Post-infectious IBS is is a digestive condition resulting from your intestines getting inoculated with some intestinal bug.  This could be a bacteria, a fungus, a virus, or a parasite.  Any of those can do this and results in IBS-like symptoms.  Some people have diarrhea or loose stools and others have constipation or both with cramping bloating etc.  Usually these symtoms start after eating out or after you ate some bad leftover food or something like that.  The persistence of the symptoms after that event weeks and months later leads us to believe you have post-infectious IBS.   

Not all IBS is post-infectious but a lot of cases are from the post-infectious scenario.   The persistence of those symptoms occurs for three basic reasons.  The first is excess microbes that may still be present, months weeks or years later.  The second is general gastrointestinal inflammation.  The third is just an imbalance in the normal relative balance of the different microbes that are present in your digestive tract.  So what do you do about it?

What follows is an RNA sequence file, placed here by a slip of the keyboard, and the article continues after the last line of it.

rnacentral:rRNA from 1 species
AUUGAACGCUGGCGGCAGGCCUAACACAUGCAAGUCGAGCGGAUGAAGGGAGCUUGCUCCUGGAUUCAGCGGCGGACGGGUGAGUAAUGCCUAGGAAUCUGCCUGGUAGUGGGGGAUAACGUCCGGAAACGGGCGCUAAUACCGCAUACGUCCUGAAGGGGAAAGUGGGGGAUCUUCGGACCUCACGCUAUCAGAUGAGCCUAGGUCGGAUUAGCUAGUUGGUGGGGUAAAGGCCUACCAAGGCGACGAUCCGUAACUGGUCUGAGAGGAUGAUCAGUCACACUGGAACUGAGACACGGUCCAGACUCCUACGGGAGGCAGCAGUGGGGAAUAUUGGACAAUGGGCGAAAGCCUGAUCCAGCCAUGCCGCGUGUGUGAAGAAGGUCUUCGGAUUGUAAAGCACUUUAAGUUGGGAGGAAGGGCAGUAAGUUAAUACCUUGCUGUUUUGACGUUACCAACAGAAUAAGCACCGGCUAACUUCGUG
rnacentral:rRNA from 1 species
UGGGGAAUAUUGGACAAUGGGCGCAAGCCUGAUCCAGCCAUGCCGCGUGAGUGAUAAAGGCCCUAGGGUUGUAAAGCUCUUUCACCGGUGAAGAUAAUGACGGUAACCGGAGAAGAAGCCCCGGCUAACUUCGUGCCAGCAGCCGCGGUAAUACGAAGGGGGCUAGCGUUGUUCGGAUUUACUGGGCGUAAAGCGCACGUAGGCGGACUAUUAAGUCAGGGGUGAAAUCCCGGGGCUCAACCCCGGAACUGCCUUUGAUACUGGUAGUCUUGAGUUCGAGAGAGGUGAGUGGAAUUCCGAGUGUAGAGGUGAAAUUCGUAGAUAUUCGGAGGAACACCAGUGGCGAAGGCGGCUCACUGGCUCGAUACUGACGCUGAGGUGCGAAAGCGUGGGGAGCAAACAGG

Studies indicate that somewhere around fifty percent of all post-infectious IBS will recover and not need any specific treatment at all.  The time it takes for one person to heal versus another can vary from weeks to months.  Remember the other fifty percent recover without anything.  Those with anxiety and depression and mood disorders, seem to experience more problems more challenges recovering.  We want to look at how do we shorten the time it takes to recover and increase the chance that you fully recover and not have to deal with this.   In order to do this we need to understand what the actual problem is.  Which of the three issues mentioned above are occurring.  Is it dysbiosis or an imbalance?  Is it excess microbes?  Or is it just this persistent inflammation from the infection that was there before?